Helping to make banking inclusive for all

“Part of the answer lies in taking these concerns into account when designing products and technology for modern-day banking. These problems could be addressed by giving more thought to the ideal design for older person with physical limitations.”

Contrary to the popular belief older people are hesitant to use digital technologies, new research has found most older people are reasonably happy to do their banking online.


While more older Australians (over 65) were likely to use internet banking compared with a digital app, they are responding in line with the national average when it comes to embracing digital banking.


Challenges remain though. Service providers, including banks, have to deal with a myriad of complex customer needs to ensure inclusive banking for all their customers. The digital environment can be challenging for some individuals with disabilities.


The research from UniSA into the use of digital technology among older Australians, ‘Exploring Digital Capability in Older Australians’ , provides valuable insights into better service, according to UniSA researcher and co-author of the report Braam Lowies.


Physical challenges to digital banking include talking to, manipulating and using digital devices to access digital banking services. These are issues of technology design – small buttons, poor screen resolution, difficult site navigation and problems with holding and operating small hand-held devices.


“There is existing assistive technology which could be appropriated for use in digital banking (which could be another argument for a dedicated device),” says Lowies. “This is a complex area and co-designing the digital environment and/or devices with older people with disability, especially those with vision impairment, would be a useful next step.”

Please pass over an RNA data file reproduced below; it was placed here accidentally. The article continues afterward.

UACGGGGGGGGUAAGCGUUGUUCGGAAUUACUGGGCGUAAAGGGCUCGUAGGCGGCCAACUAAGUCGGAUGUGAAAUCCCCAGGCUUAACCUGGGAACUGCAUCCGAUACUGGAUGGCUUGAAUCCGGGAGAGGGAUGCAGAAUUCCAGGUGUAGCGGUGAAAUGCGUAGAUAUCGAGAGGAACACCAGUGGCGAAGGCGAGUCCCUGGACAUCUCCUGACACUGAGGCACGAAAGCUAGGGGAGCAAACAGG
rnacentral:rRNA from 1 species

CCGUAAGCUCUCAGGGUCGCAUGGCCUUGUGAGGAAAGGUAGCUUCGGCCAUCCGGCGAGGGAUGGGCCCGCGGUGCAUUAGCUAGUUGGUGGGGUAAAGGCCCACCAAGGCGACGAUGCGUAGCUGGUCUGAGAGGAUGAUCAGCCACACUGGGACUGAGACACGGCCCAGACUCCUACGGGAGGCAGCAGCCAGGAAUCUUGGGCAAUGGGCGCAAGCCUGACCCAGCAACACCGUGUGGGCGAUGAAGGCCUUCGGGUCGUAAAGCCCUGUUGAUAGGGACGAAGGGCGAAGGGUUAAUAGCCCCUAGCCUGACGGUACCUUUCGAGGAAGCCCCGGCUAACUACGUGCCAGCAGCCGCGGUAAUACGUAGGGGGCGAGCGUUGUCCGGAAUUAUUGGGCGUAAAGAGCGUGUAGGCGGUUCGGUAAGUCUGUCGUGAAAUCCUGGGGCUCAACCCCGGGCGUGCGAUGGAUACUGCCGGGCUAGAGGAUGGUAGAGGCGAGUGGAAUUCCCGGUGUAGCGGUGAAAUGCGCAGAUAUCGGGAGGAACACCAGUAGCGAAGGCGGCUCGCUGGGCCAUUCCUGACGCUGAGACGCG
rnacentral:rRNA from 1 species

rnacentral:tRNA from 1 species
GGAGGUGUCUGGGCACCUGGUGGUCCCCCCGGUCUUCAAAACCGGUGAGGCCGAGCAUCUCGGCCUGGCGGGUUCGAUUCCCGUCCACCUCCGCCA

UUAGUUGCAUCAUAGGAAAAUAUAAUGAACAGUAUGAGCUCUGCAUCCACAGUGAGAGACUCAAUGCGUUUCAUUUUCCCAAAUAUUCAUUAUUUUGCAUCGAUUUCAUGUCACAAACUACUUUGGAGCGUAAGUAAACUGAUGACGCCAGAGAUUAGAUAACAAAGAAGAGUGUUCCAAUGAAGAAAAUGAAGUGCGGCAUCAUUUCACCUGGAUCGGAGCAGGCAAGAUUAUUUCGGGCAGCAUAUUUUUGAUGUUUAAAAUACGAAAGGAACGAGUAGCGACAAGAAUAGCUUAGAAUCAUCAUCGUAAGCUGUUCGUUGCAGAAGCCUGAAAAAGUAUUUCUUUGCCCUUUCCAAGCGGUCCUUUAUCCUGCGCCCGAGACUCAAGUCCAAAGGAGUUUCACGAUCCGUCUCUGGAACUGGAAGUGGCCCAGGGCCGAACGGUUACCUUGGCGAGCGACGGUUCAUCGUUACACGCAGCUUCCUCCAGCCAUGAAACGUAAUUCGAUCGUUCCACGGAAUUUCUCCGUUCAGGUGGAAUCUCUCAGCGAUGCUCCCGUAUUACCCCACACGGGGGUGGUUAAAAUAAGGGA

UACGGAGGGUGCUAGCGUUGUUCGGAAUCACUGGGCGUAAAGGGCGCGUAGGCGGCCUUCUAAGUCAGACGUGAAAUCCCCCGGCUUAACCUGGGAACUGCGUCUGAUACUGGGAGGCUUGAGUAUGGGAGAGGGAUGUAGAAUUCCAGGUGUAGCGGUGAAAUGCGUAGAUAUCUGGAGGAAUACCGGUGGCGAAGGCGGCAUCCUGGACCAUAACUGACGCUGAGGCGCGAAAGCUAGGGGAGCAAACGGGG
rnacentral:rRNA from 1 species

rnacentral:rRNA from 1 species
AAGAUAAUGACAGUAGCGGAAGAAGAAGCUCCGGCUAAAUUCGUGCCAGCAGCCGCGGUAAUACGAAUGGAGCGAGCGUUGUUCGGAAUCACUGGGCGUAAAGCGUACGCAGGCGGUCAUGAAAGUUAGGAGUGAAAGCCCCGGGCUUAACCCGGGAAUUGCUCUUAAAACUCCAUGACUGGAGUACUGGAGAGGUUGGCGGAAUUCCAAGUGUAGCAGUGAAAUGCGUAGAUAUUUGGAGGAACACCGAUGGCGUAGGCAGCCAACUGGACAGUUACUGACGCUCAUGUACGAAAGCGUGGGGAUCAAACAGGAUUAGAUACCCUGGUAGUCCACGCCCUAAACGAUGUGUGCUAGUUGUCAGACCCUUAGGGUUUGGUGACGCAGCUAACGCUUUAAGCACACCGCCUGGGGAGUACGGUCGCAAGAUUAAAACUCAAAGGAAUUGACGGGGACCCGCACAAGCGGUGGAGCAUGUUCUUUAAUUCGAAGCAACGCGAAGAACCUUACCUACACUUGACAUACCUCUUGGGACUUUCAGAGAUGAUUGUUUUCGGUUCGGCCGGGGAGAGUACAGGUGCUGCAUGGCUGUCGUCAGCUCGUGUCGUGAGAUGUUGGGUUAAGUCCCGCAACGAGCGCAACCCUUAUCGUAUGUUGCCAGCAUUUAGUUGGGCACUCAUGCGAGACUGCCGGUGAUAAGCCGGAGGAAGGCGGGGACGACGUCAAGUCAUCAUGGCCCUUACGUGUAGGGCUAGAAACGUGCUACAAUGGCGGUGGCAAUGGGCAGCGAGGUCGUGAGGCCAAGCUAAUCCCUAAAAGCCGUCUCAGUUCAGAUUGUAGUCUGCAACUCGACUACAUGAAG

Co-designing with older Australians


Part of the answer lies in taking these concerns into account when designing products and technology for modern-day banking. More can always be done to embed accessibility for older customers, says ANZ’s Customer Vulnerability and Accessibility Lead Meg Dalling.


“This research will help ANZ to continue to shape an inclusive design approach for all customer experiences,” she says. “If we design for accessibility, we can better understand and respond to these challenges, supporting convenience, dignity and independence as far as possible for everyone in the community.”


As an example, three participants with significant vision impairment who use internet banking were interviewed for the report. With professional backgrounds and active engagement in advocacy and support groups, all three used voice-over technology, screen readers and magnifiers as well as relying on family members to assist with online banking transactions.


Banking difficulties

  • An estimated 575,000 people are blind or vision impaired and currently live in Australia, with more than 70 per cent over the age of 65.
  • Seventy-three percent of Australians aged over 70 have a mild to severe hearing loss. This percentage rises as age increases. As many as 85 per cent of people in ‘nursing homes’ typically have hearing loss.


SOURCE: Vision2020, Deaf Forum

Key concerns for theses participants were small font sizes and the subsequent worry, stress and caution around inputting figures correctly.


When asked how the banking industry could make things easier for clients with vision impairment, participants recommended simplification, as well as limiting interface changes (including retaining tactile keypads which aid orientation).


ANZ’s retail banking team has been working on an outreach campaign for older Australians experiencing challenges around digital banking and the impact of branch closures.


The team has made more than 60,000 calls to customers over 65 years of age. Those calls have identified more than 90 per cent of these customers use at least one self-service option to do their banking, such as the ANZ App, internet banking or ATMs.